Posts tagged: Sterling Financial Corp.
Umpqua Bank, which recently merged with Sterling Financial, has started a Wildfire Relief Lending Program to help customers in parts of Washington and Oregon hit hard by wildfires.
The new fund allows Umpqua customers who reside in area under voluntary or mandatory evacuation to receive rapid access to personal loans up to $2,500. The loans will help customers take care of immediate needs including short-term living expenses, generators for power and other immediate needs. Loan approvals are subject minimum credit requirements.
“Communities throughout the Umpqua footprint are currently facing one of the worst wildfire seasons in recent history and we wanted to do something to help,” said Ray Davis, Umpqua Bank president and CEO. “We realize that customers in Brewster and the surrounding areas have been deeply affected by the Carlton Complex fire, with some forced to evacuate with virtually no notice, and many customers in Burns, Oregon, have been seriously impacted. We’ve created this emergency lending program to provide quick, low-cost access to funds to support customers’ immediate needs.”
None of Sterling Bank’s nine area branches will be closed during a round of reductions now taking place as Umpqua Bank begins aligning operations in the wake of its takeover of Sterling.
Bank officers are closing 27 branches across Washington, Oregon and California during the next several months. Those closures – including 13 branches in Washington along with seven each in Oregon and California – are occurring where both Umpqua and Sterling had branches within a few miles of each other, said company spokeswoman Eve Callahan.
Umpqua finished its purchase of Sterling two months ago in a $2 billion stock deal. The nearest Sterling closures to Spokane will be two Tri-Cities branches and one in Clarkston, Callahan said.
The two closed Tri-Cities Sterling branches were located inside Wal-Marts, she said.
In some cases the closed branch was an Umpqua operation, and in others it was a Sterling branch, she said.
In the Ballard neighborhood of Seattle, two branches were within 500 feet, she said. In that case, an Umpqua branch will be folded into the nearby Sterling branch.
The exact number of jobs lost has not yet been settled, Callahan said. No more branch closures are anticipated during 2014, she said.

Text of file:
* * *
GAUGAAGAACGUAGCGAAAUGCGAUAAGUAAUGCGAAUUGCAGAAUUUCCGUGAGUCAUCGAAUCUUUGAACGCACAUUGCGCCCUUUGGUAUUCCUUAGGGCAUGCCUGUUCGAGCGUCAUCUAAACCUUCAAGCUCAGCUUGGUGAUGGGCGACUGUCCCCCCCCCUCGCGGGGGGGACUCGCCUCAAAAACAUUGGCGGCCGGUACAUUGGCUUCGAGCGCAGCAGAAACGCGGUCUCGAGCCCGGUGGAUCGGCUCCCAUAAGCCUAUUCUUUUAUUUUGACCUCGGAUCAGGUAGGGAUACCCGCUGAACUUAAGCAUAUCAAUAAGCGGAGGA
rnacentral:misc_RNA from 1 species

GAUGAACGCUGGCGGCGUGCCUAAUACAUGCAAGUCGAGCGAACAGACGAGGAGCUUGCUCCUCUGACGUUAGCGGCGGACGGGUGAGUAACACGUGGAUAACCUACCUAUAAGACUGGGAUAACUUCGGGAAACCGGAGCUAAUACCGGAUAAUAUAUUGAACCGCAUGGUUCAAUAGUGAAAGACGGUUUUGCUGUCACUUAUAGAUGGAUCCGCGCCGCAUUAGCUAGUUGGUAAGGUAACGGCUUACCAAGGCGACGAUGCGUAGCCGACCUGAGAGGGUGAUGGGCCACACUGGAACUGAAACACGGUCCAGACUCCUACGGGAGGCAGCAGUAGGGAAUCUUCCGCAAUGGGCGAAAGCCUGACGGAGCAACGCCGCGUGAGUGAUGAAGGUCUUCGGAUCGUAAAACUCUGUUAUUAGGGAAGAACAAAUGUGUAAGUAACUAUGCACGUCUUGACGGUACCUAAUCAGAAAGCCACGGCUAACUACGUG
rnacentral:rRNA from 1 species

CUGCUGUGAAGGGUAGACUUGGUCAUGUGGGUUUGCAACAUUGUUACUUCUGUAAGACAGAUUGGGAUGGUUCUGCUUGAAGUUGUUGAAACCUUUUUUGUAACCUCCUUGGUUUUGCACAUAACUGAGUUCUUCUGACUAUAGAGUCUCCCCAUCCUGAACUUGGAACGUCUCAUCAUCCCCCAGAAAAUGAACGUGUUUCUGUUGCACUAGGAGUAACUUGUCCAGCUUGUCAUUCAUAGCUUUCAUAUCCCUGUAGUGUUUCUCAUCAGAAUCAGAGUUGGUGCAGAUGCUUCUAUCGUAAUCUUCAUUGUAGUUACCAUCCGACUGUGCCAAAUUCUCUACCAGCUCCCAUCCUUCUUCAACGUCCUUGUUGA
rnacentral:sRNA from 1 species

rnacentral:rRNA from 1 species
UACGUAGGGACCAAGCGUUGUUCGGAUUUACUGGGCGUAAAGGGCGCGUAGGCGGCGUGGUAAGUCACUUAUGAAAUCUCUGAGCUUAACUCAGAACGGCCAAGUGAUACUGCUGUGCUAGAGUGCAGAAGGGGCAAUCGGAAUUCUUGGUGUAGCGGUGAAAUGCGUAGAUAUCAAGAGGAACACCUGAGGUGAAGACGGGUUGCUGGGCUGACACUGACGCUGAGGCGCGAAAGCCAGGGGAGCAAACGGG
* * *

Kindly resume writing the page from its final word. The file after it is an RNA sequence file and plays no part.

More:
While some may lament the loss of another company headquarters in the merger of Umpqua and Sterling banks, the good news is the new bank combines Sterling's solid lineup of strong departments with a bank widely considered an innovator in the financial services area.
Saturday's SR story on the merger noted the merger is now official.
Both banks in fact have been listed by Forbes magazine on its list of most respected U.S. banks.
In 2012 the bank listed Umpqua Holdings Corp. as the top-rated Oregon bank. It landed at 28 overall on the list.
Forbes used several criteria to devise the rankings, including profits, bad loans and several measures of capital.
Sterling was ranked No. 40 on the same list.
Photo credit: Dan Pelle for The Spokesman-Review
The downtown business beat continues producing more real estate deals.
In Friday's paper was the announcement two groups bought the side-by-side buildings formerly called the Sherwood Mall. In fact, the buildings were built in different eras, and are probably best managed as two different structures.
The smaller building is the corner building once known as the home of First National Bank. It's at the corner of Riverside and Stevens.
That building was acquired by an investors group that includes Spokane Chiefs and Spokane Indians owner Bobby Brett, and area developer Chris Batten.
Brett is general manager of 1953 Box LLC, the company owning the corner building … and the name refers to the year this building went up, in 1953. The earlier building that sat there was not two stories. We'll go hunting for the historic photo of that bank that later was torn down.